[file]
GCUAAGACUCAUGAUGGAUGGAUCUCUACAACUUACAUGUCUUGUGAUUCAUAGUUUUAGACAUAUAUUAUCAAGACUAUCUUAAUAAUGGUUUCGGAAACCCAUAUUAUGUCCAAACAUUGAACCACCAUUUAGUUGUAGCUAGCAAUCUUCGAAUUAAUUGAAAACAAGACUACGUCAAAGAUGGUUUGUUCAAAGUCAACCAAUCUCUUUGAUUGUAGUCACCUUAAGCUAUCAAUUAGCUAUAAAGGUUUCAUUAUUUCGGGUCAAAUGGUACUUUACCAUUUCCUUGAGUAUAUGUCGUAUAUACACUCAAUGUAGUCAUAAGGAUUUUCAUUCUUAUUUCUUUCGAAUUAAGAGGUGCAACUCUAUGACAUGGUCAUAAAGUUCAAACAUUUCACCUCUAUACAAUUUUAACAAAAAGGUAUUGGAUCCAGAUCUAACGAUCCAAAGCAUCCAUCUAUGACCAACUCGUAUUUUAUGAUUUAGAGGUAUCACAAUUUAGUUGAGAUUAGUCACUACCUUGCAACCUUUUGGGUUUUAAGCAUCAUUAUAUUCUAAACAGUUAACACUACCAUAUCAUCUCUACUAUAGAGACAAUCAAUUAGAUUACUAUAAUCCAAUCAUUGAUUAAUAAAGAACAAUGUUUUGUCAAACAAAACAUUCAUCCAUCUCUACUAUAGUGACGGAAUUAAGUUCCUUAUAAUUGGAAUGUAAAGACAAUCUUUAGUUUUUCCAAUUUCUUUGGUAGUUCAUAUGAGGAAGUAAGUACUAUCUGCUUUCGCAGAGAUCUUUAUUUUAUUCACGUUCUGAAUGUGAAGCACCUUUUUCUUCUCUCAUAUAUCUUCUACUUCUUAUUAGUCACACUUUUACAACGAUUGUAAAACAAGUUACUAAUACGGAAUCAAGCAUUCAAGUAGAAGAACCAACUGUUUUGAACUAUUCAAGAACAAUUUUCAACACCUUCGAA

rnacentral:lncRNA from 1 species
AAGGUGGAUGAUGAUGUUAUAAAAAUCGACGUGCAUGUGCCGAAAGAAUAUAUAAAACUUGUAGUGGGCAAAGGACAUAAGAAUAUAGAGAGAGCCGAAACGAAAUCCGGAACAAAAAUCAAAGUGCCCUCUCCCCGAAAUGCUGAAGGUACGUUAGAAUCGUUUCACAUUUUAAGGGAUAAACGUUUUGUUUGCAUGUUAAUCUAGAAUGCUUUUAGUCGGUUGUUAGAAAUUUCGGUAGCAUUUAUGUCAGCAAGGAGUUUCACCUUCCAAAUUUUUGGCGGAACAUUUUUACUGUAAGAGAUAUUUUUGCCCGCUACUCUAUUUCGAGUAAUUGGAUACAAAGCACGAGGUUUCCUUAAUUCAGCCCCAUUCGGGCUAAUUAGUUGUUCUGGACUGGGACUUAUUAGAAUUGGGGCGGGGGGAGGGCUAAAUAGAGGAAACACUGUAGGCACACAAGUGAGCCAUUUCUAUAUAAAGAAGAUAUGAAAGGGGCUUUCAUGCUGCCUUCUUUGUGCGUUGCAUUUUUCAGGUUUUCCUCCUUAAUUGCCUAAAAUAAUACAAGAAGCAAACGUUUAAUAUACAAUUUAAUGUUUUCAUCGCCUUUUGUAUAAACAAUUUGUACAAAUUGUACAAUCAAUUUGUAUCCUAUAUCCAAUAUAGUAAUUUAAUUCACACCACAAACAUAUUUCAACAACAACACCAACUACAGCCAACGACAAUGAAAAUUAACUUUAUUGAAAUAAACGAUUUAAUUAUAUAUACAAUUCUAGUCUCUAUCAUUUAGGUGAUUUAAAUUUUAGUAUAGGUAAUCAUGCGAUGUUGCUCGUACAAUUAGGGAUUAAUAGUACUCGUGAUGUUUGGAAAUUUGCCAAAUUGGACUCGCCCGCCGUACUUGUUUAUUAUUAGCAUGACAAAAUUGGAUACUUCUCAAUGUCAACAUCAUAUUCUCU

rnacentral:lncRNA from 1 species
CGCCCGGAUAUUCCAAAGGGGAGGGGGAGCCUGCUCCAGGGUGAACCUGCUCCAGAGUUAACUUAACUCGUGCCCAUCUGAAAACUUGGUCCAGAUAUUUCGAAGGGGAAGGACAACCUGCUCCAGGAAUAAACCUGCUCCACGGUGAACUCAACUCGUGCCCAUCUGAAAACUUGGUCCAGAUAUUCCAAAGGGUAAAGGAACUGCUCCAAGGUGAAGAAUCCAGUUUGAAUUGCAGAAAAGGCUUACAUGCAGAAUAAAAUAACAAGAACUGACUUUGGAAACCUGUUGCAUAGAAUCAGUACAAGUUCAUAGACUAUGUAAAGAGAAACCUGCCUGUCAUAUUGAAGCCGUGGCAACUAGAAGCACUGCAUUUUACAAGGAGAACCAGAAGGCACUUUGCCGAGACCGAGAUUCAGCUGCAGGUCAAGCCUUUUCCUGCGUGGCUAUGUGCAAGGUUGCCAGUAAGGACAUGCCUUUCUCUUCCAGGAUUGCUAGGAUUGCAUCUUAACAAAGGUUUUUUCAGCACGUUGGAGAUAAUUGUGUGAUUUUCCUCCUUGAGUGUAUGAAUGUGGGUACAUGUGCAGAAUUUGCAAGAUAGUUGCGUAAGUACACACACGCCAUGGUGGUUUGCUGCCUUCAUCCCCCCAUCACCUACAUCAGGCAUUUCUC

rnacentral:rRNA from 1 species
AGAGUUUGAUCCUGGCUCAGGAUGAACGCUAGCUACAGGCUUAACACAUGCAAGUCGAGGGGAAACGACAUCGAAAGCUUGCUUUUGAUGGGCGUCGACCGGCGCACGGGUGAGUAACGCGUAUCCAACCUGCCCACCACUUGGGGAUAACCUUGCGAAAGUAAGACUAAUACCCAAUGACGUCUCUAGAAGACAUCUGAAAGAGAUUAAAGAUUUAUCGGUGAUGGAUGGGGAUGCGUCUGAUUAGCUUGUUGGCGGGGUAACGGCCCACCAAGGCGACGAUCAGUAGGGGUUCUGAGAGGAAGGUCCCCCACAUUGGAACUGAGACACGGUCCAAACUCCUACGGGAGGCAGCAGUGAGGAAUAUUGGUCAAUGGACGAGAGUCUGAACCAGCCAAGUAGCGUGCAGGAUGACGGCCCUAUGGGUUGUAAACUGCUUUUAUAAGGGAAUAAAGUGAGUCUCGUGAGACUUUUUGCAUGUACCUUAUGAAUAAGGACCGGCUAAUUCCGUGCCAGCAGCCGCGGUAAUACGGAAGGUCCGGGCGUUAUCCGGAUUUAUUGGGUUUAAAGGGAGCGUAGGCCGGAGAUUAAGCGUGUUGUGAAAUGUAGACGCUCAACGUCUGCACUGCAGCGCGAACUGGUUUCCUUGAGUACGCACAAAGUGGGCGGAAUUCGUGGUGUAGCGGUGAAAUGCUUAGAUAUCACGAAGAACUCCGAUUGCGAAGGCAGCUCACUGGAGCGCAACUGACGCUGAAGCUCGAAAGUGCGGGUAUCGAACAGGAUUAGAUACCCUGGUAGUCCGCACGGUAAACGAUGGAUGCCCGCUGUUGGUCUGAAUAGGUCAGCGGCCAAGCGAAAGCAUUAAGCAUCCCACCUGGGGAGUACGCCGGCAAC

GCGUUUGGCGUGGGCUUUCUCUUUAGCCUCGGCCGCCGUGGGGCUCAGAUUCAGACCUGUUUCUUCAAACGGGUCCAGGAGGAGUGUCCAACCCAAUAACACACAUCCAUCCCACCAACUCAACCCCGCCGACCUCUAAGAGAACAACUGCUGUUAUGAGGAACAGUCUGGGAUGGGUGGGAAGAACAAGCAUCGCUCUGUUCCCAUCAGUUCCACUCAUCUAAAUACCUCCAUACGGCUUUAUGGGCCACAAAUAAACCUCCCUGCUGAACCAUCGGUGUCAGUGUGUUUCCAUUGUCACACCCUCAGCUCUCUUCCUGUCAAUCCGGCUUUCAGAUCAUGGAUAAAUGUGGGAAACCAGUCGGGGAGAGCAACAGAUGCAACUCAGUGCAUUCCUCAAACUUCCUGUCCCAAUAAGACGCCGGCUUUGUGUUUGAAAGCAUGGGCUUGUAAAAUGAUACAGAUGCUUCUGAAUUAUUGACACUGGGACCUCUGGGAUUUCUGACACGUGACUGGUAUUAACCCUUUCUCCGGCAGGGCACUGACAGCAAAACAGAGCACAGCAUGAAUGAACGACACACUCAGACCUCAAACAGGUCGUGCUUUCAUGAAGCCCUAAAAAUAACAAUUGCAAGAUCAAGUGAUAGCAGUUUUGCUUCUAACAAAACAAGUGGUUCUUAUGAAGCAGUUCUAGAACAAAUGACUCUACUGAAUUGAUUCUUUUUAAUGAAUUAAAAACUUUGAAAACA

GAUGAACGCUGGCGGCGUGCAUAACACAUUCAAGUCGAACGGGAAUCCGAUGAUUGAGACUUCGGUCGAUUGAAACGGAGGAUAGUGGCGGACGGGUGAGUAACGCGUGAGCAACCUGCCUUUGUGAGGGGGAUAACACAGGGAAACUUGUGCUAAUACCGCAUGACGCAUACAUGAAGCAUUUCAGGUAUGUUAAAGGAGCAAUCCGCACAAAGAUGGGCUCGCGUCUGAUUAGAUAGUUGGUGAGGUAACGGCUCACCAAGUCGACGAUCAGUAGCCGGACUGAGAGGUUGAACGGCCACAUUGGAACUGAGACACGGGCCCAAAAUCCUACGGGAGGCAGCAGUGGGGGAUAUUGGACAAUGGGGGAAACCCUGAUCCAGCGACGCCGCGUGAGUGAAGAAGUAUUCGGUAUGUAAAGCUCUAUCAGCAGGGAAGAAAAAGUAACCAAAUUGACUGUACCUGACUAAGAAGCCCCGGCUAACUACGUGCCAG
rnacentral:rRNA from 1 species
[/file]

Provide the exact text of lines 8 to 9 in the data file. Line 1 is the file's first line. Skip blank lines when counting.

GCGUUUGGCGUGGGCUUUCUCUUUAGCCUCGGCCGCCGUGGGGCUCAGAUUCAGACCUGUUUCUUCAAACGGGUCCAGGAGGAGUGUCCAACCCAAUAACACACAUCCAUCCCACCAACUCAACCCCGCCGACCUCUAAGAGAACAACUGCUGUUAUGAGGAACAGUCUGGGAUGGGUGGGAAGAACAAGCAUCGCUCUGUUCCCAUCAGUUCCACUCAUCUAAAUACCUCCAUACGGCUUUAUGGGCCACAAAUAAACCUCCCUGCUGAACCAUCGGUGUCAGUGUGUUUCCAUUGUCACACCCUCAGCUCUCUUCCUGUCAAUCCGGCUUUCAGAUCAUGGAUAAAUGUGGGAAACCAGUCGGGGAGAGCAACAGAUGCAACUCAGUGCAUUCCUCAAACUUCCUGUCCCAAUAAGACGCCGGCUUUGUGUUUGAAAGCAUGGGCUUGUAAAAUGAUACAGAUGCUUCUGAAUUAUUGACACUGGGACCUCUGGGAUUUCUGACACGUGACUGGUAUUAACCCUUUCUCCGGCAGGGCACUGACAGCAAAACAGAGCACAGCAUGAAUGAACGACACACUCAGACCUCAAACAGGUCGUGCUUUCAUGAAGCCCUAAAAAUAACAAUUGCAAGAUCAAGUGAUAGCAGUUUUGCUUCUAACAAAACAAGUGGUUCUUAUGAAGCAGUUCUAGAACAAAUGACUCUACUGAAUUGAUUCUUUUUAAUGAAUUAAAAACUUUGAAAACA

GAUGAACGCUGGCGGCGUGCAUAACACAUUCAAGUCGAACGGGAAUCCGAUGAUUGAGACUUCGGUCGAUUGAAACGGAGGAUAGUGGCGGACGGGUGAGUAACGCGUGAGCAACCUGCCUUUGUGAGGGGGAUAACACAGGGAAACUUGUGCUAAUACCGCAUGACGCAUACAUGAAGCAUUUCAGGUAUGUUAAAGGAGCAAUCCGCACAAAGAUGGGCUCGCGUCUGAUUAGAUAGUUGGUGAGGUAACGGCUCACCAAGUCGACGAUCAGUAGCCGGACUGAGAGGUUGAACGGCCACAUUGGAACUGAGACACGGGCCCAAAAUCCUACGGGAGGCAGCAGUGGGGGAUAUUGGACAAUGGGGGAAACCCUGAUCCAGCGACGCCGCGUGAGUGAAGAAGUAUUCGGUAUGUAAAGCUCUAUCAGCAGGGAAGAAAAAGUAACCAAAUUGACUGUACCUGACUAAGAAGCCCCGGCUAACUACGUGCCAG